Nelson Mandela once said, “If you want the cooperation of humans around you, you must make them feel important—and you do that by being genuine and humble.”
Humility and genuineness are not attributes often paired together. Genuineness is thought of as representing yourself, while humility is connoted as strict self-denial.
Let’s consider humility. We live in a day and age that thrives on self-promotion. The ones who seem to thrive are the people who are the flashiest, the strongest, the coolest, or even the cutest. What is popular can often be seen as what is “right” or correct.
Humility is often misconstrued as being weak or subservient. People who are humble are dismissed because they don’t have anything amusing or clever to offer to the world. In fact, it is easy to think of them as unhappy because they don’t seek the world’s definition of happiness.
True humility doesn’t always look like that. In fact, true humility does not always mean going out of your way to be different or better than normal. It does not ask for applause and praise. People who are truly humble don’t push others to say that they are “right.” Sometimes even people who think that the way they live is more “humble” can be caught up in being self-righteous.
Instead, think of being humble as being willing to allow others to live their own way, or even to give them the benefit of a doubt. Think of it as allowing someone else to have a different point of view.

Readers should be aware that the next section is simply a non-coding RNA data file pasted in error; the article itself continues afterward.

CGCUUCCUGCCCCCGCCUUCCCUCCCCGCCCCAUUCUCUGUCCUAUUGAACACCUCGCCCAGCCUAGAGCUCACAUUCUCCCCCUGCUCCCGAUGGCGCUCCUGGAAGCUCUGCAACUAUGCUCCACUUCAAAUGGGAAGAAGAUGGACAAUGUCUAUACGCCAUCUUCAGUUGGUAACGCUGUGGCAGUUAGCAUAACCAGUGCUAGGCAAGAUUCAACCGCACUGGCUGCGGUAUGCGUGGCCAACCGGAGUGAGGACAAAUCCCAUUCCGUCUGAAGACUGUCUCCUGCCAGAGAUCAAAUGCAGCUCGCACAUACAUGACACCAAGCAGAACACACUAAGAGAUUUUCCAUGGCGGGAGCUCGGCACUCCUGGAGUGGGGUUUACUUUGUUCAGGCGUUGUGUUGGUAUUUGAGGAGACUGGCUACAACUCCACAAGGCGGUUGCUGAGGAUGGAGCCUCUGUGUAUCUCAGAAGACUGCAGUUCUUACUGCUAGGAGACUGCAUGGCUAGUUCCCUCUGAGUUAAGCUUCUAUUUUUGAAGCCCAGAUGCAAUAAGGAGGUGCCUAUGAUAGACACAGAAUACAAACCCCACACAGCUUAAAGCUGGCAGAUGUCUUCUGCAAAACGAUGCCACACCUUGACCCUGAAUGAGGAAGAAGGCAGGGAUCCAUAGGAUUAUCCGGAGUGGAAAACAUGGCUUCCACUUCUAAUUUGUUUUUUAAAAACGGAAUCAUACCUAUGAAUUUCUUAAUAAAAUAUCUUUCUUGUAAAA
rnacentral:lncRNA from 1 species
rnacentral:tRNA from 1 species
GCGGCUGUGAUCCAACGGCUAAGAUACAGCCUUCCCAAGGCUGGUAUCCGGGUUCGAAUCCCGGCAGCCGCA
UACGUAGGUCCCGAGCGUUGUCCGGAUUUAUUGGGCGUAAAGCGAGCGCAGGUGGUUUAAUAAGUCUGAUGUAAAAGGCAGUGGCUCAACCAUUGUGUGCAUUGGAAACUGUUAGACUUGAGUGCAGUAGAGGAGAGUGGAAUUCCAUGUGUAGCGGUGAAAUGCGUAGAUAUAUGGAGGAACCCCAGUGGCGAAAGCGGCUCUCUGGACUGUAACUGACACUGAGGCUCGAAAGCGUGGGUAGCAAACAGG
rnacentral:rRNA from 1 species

That is where being genuine comes into play. To be genuine is to be your best self. You are still honest and open with others about who you are and what you do. People who are “fake” try too hard to get attention and approval by being something they are not. But people who are genuine and humble let go of their own agendas.
From one perspective, being genuine means the same thing as being “authentic”: being true to who you really are and what you want. However, that is not the same as thoughtless indulgence in physical and material desire. You can still be committed to your values while being conscious of your own strengths and weaknesses. That takes humility.
To truly be genuine and humble, you do not force other people to do things or see things your way. Instead, you do your part and value the contributions and ideas of others like your own. Respecting yourself and respecting others in the same way will, as the quote from Nelson Mandela suggests, inspire others to give you their support.